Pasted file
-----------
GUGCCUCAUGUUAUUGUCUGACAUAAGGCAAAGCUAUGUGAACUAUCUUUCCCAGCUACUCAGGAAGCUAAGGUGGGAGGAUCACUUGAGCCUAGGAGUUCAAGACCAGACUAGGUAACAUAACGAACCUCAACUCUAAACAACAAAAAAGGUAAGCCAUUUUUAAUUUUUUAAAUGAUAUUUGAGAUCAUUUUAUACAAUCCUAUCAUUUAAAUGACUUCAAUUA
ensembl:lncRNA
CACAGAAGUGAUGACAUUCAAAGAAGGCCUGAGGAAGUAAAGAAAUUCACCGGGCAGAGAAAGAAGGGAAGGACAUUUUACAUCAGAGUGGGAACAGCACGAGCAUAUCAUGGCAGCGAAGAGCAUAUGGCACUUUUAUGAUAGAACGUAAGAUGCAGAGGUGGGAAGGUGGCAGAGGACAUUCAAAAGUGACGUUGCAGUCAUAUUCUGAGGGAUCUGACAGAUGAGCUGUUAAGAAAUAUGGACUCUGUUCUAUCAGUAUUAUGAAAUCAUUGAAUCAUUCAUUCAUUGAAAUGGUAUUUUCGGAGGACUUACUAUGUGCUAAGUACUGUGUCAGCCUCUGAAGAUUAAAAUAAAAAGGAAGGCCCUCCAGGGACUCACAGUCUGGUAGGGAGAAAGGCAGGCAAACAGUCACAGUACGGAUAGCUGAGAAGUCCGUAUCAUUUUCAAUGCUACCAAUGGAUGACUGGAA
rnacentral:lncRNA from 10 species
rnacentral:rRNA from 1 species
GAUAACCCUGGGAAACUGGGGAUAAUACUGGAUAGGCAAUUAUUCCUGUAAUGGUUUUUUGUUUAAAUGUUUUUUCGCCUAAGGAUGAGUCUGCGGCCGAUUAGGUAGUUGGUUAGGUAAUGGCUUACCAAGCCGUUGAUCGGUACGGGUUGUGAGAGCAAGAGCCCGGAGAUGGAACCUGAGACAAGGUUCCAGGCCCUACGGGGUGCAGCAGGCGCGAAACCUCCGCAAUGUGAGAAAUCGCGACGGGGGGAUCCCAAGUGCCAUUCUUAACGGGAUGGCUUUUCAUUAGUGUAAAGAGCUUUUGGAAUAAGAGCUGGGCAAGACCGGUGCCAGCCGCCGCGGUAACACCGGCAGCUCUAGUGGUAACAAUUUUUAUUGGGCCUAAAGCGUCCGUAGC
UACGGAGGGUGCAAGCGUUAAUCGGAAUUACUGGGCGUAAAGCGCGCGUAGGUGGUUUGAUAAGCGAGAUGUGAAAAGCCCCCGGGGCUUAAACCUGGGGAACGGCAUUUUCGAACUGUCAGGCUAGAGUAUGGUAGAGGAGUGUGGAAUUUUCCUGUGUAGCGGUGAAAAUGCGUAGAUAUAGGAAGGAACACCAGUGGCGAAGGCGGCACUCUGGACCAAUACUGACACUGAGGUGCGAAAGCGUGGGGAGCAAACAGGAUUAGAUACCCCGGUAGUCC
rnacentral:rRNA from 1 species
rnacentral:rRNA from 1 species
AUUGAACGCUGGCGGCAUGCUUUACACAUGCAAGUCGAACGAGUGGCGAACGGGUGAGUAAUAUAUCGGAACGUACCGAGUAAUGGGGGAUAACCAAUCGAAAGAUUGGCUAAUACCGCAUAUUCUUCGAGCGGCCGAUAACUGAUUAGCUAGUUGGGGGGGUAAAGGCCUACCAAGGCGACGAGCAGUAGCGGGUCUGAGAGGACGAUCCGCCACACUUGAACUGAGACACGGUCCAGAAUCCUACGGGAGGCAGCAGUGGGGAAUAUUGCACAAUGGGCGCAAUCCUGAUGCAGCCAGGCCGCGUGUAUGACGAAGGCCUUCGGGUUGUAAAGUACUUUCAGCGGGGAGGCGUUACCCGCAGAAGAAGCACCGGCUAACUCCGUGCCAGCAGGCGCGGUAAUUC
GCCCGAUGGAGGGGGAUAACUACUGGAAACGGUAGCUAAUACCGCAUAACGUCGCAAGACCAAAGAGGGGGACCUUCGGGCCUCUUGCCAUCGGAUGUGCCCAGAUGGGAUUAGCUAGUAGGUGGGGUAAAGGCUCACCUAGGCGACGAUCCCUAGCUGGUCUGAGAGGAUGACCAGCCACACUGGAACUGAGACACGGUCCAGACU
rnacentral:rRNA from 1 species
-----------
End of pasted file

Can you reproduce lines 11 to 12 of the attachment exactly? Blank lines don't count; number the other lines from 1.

GCCCGAUGGAGGGGGAUAACUACUGGAAACGGUAGCUAAUACCGCAUAACGUCGCAAGACCAAAGAGGGGGACCUUCGGGCCUCUUGCCAUCGGAUGUGCCCAGAUGGGAUUAGCUAGUAGGUGGGGUAAAGGCUCACCUAGGCGACGAUCCCUAGCUGGUCUGAGAGGAUGACCAGCCACACUGGAACUGAGACACGGUCCAGACU
rnacentral:rRNA from 1 species